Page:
Decide which target to focus on

Types of targets


A target represents the desired goal. In CDM Quality Care, the first target involves implementing the desired strategy or interventions that will diminish the gaps in care. The second target involves the outcomes, meaning the end results; in this context, what happens when the desired interventions are indeed implemented.




Target Outcomes



Development, formalization & update of programs and tools






Access to services (references & follow-up)






ER visits

Optimal use of Pharmacological Treatment



Implementation of programs and tools

  • Training
  • Coordination

Use of spirometry

Quality of life for patients

Satisfaction (Patients and health professionals)

Figure 1: Intervention targets, Target outcomes, (referrals and follow-up), Optimal use of pharmacological treatments, Use of spirometry tests, Patient’s quality of life, (patients and health care professionals


Intervention targets

In this section we will discuss how to define your targets based on gaps in care, perceived obstacles and the strengths that are specific to your institution. Intervention targets may include developing and formalizing programs, new tools, training, etc., but also adapting and adjusting existing programs within a maintenance perspective.


Target outcomes

These are the targeted measures that the intervention is designed to impact. Although the term includes the word "outcomes" these measures may be designed to affect a process (intermediate outcomes). This involves how the program is operating, i.e., the process.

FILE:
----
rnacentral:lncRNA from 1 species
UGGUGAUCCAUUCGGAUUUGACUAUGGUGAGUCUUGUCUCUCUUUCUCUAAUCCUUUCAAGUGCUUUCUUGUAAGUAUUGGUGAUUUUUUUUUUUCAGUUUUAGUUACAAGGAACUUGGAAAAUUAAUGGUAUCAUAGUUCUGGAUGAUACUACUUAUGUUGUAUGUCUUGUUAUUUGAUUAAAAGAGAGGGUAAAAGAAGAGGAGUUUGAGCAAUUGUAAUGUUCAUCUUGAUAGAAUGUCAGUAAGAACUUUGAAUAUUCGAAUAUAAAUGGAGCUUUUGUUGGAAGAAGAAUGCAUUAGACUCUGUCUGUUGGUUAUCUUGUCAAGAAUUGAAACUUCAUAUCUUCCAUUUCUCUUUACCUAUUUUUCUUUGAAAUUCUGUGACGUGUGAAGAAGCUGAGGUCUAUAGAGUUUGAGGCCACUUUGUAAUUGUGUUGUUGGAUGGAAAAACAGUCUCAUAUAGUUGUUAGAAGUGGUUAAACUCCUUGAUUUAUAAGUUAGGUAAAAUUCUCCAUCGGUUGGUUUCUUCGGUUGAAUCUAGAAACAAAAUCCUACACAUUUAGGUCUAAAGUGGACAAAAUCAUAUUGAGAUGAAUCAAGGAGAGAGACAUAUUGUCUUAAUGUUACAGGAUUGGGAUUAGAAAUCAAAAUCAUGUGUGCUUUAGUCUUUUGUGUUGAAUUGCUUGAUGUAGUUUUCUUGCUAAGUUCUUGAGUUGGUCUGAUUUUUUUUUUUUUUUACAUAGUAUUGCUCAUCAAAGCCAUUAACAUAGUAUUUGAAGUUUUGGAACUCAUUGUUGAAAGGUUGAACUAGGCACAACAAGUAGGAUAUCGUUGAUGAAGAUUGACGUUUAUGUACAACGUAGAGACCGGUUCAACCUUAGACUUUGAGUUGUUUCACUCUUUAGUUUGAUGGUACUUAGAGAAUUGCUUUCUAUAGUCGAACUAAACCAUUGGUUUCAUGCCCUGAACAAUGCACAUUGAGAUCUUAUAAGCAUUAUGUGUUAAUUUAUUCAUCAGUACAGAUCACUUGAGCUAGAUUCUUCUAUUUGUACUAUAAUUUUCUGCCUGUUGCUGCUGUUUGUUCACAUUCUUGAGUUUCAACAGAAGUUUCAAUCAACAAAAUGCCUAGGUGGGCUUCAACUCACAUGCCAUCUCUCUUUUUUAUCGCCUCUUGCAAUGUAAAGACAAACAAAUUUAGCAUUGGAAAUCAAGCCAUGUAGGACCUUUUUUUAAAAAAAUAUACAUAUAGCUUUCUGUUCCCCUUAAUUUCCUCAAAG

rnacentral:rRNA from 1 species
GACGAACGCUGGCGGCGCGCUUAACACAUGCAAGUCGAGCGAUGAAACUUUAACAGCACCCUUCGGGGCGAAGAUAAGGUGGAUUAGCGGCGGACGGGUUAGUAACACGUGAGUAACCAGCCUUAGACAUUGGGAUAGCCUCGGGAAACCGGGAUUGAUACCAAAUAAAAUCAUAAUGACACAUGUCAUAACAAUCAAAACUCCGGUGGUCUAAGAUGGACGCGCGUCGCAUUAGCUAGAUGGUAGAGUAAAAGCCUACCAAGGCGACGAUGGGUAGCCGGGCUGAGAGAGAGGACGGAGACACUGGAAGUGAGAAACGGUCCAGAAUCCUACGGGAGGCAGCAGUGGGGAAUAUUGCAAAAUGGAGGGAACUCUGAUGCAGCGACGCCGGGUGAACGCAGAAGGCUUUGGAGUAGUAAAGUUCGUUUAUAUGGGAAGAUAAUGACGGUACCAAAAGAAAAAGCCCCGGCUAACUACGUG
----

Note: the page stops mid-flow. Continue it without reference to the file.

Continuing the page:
However, the ultimate outcomes (changes that occur as a result of your intervention/program/pathway) are to improve patient health and health care services use. Be sure to have a mix of both types of outcomes, since each of them has certain limitations in terms of feasibility and evaluation, as will be discussed in Step 5: Evaluation.

Intermediate outcomes reflect best practices and are linked to your process. They may be linked to the gaps in care that you have already discovered. They will have to be achieved first in order to have an impact on the ultimate outcome. Hence you will have both short term and long term objectives. These outcomes are closer to your actual practices and hence monitoring their progress can serve to motivate the practitioners/professionals. Using evidence-based interventions as targets for your practice should be a requirement.


  • Optimize pharmacological and non-pharmacological therapy (stop smoking interventions, self-management, pulmonary rehabilitation)
  • Improve the links and communication between the hospital and primary care services, including GPs

Ultimate outcome: We might be tempted to choose some outcomes such as improving patient quality of life or reducing length of stay. These are important goals; however, they represent outcomes that will only be achieved if some process outcomes are realized beforehand. On the other hand, the evaluation of these types of outcomes is particularly challenging because they may have to be measured in addition to the data that is already collected as part of your regular practice, and there are a number of factors that cannot be controlled in a real-life setting (as compared to what can be measured in a randomized clinical trial). In a similar vein, finding referent groups, or populations to compare with, can also be a problem.


  • Impact on helping patients to better cope with their disease; improve quality of life and maintain autonomy
  • Improve the efficiency of the healthcare system (ER, hospitalizations, community services, etc.)

Remember that outcomes should be SMART: Specific, Measurable, Attainable, Results-oriented, Time frames.